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Optimizing an RF/microwave amplifier demands a fair bit of knowledge, and can require a healthy rack of test equipment. Fortunately, Freescale Semiconductor has taken a major step toward helping engineers in need of optimizing a high-frequency amplifier with its RF Power Tool. In spite of measuring only 4 × 10 × 13 in. and weighing a mere 6 lbs., this offering is capable of making all the key amplifier measurements, including gain, efficiency, bandwidth, and bias requirements.

RF Power Tool

The RF Power Tool plugs into a Freescale evaluation board, and requires only a few external components (principally a DC power supply and dummy load), effectively forming a “bench in a box.” It allows designers to completely evaluate and optimize the performance of an amplifier circuit on a Freescale evaluation board.

Freescale’s RF Power Tool (Fig. 1) includes the instrument; a power supply (with adapters for use in the United States, Australia, Europe, and the United Kingdom); a flexible microwave cable with SMA connectors; a pair of cables that connect to the evaluation board, a Universal Serial Bus (USB) cable for connecting the instrument to a personal computer (PC); and Microsoft Windows software that runs on any version of the operating system (OS) from Windows XP forward. To work with the RF Power Tool, a user selects an evaluation board suitable for an amplifier under test, a high-power DC supply, a dummy load (termination), heat sink, and a coaxial cable to connect the amplifier to the dummy load (Fig. 2).

Evaluation boards are available for power levels from 50 W to 125 kW for various applications. The boards are equipped with the required sensors and other connectors that mate with the RF Power Tool. For users wishing to design their own test routines, the instrument supports SCPI-compliant command sets (also available from Freescale), and is compatible with LabVIEW test software from National Instruments.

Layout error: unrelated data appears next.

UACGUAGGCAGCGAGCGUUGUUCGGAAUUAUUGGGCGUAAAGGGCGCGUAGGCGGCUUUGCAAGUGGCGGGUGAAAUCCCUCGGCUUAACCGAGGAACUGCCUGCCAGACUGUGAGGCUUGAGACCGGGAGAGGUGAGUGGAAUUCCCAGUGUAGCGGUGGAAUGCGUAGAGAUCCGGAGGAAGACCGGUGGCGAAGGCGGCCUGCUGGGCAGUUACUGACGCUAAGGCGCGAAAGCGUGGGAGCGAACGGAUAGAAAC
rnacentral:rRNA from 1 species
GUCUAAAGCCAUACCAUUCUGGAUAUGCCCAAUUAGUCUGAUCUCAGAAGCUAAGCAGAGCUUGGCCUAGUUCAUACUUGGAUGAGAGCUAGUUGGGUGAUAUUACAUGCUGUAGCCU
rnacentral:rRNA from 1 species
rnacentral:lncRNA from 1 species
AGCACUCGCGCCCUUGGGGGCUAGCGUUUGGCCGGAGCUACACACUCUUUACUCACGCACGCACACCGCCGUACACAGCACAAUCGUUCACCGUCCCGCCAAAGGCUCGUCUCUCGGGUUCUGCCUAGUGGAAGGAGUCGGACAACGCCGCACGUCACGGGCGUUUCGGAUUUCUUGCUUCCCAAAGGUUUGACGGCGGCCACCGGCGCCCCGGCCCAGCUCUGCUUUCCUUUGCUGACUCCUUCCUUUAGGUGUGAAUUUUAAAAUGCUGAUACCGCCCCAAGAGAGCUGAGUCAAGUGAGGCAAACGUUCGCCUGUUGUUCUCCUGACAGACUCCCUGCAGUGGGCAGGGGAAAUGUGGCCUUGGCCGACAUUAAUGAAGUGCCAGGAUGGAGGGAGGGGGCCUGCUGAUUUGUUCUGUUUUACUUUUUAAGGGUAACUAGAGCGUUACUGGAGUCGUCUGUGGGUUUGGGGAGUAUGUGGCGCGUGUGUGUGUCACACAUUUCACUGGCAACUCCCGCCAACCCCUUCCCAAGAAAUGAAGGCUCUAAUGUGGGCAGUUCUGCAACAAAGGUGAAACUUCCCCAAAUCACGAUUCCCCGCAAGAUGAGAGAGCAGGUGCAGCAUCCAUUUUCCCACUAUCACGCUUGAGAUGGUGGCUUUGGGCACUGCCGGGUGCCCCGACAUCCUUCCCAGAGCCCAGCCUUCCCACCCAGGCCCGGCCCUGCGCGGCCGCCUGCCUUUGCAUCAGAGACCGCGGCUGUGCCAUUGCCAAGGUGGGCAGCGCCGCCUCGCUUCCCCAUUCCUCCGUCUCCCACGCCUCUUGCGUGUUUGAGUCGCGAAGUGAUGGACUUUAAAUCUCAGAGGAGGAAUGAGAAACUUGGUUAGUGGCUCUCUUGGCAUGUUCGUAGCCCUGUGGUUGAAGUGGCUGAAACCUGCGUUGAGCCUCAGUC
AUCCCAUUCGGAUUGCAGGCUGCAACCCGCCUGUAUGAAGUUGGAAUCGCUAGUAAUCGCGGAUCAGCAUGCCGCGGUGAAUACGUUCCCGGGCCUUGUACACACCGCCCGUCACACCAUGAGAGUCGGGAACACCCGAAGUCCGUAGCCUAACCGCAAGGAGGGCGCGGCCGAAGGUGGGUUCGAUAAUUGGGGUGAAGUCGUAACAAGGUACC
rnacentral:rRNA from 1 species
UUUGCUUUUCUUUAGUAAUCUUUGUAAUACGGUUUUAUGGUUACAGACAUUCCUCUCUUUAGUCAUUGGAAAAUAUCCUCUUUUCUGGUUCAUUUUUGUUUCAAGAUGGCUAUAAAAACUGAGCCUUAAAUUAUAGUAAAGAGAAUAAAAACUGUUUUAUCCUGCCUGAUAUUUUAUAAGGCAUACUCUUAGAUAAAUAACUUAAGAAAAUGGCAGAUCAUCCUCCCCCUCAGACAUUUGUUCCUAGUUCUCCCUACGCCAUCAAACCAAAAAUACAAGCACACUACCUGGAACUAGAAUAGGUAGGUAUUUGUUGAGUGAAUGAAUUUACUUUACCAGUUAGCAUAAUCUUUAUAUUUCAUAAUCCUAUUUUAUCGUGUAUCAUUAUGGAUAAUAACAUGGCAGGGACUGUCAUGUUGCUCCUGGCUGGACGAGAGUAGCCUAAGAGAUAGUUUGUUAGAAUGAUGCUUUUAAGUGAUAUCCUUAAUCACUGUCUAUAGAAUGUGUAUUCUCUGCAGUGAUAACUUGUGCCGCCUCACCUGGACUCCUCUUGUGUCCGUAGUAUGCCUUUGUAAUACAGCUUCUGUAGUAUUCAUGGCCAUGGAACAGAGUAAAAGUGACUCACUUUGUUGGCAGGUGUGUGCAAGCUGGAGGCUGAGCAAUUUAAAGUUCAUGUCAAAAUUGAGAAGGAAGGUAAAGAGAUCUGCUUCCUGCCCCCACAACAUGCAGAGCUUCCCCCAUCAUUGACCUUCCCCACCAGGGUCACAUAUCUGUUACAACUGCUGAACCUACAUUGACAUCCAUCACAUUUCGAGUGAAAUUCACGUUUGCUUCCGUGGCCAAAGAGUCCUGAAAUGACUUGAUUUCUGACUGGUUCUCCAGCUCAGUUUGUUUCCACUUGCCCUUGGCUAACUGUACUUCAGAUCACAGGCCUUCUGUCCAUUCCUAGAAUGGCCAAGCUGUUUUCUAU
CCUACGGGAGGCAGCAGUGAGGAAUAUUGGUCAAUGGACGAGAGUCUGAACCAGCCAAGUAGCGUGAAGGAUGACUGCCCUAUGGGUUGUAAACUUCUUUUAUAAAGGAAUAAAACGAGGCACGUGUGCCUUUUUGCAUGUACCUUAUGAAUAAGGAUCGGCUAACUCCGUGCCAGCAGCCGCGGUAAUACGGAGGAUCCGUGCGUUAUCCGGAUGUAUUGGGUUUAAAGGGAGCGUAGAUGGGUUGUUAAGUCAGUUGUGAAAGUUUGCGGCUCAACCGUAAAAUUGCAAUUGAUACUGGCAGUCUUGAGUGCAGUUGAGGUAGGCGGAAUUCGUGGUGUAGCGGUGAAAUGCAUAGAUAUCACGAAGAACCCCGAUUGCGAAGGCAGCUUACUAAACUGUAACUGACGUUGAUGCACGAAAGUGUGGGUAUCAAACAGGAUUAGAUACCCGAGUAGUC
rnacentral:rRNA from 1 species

RF Power Tool measurement system

The RF Power Tool includes a full range of RF and DC sources and sensors as needed for amplifier testing. The core capability is a continuous-wave (CW)/pulse signal generator with 1-Hz tuning resolution from1 MHz to 2.5 GHz and a digital step attenuator with maximum range of 0 to 31.5 dB in 0.5-dB steps to adjust RF output levels to +30 dBm. The compact test set provides three 150-mW output ports—from 1 to 400 MHz, 300 to 1200 MHz, and at 2.4 GHz—with an additional 2.4-GHz port with 1-W output level. This is needed for such applications as industrial heating, where at least 350-mW drive must be supplied.

The test instrument offer flexible pulsed signal capabilities, generating pulse widths from 0.5 μs to 5 ms in 0.1-μs steps and pulse widths from 5 ms to 1 s in 1-ms steps across a duty-cycle range of 0.1 to 99.9%. It includes internal triggering circuits and an input for external triggering. It also features four watt meters with directional couplers and the capability to measure forward and reflected power levels from 1 mW to 2 kW across its frequency range.

The RF Power Tool also includes multiple voltmeters and ammeters, as well as four bias supplies and an RF driver amplifier. The four-channel bias supply delivers voltages from 0 to 5 VDC with 10-mV resolution, and DC measurement capability ranges from 0 to 100 VDC and 0 to 250 A (see table).


The RF Power Tool is by no means a replacement for a full rack of test gear, and does not offer the performance levels needed for checking low-noise amplifiers (LNAs). Nevertheless, it does provide the capabilities necessary for evaluating and optimizing a wide range of amplifiers (through 2.5 GHz). For example, appliance manufacturers that employ solid-state RF power sources; RF subsystem design companies and their suppliers; and manufacturers of systems that employ RF power for various purposes (including heating, drying, and sealing) may have limited solid-state RF power design experience and RF test equipment. They might even be making a transition from vacuum tubes to solid-state power. and might benefit from having simple measurement capabilities.

Others likely to benefit from this simplified approach include medical equipment manufacturers, distributors, universities, and even hobbyists (such as ham-radio operators). Since the entire optimization process can be accomplished using this single instrument, a PC, a DC power supply, and a dummy load, it can be performed anywhere where AC power is available.

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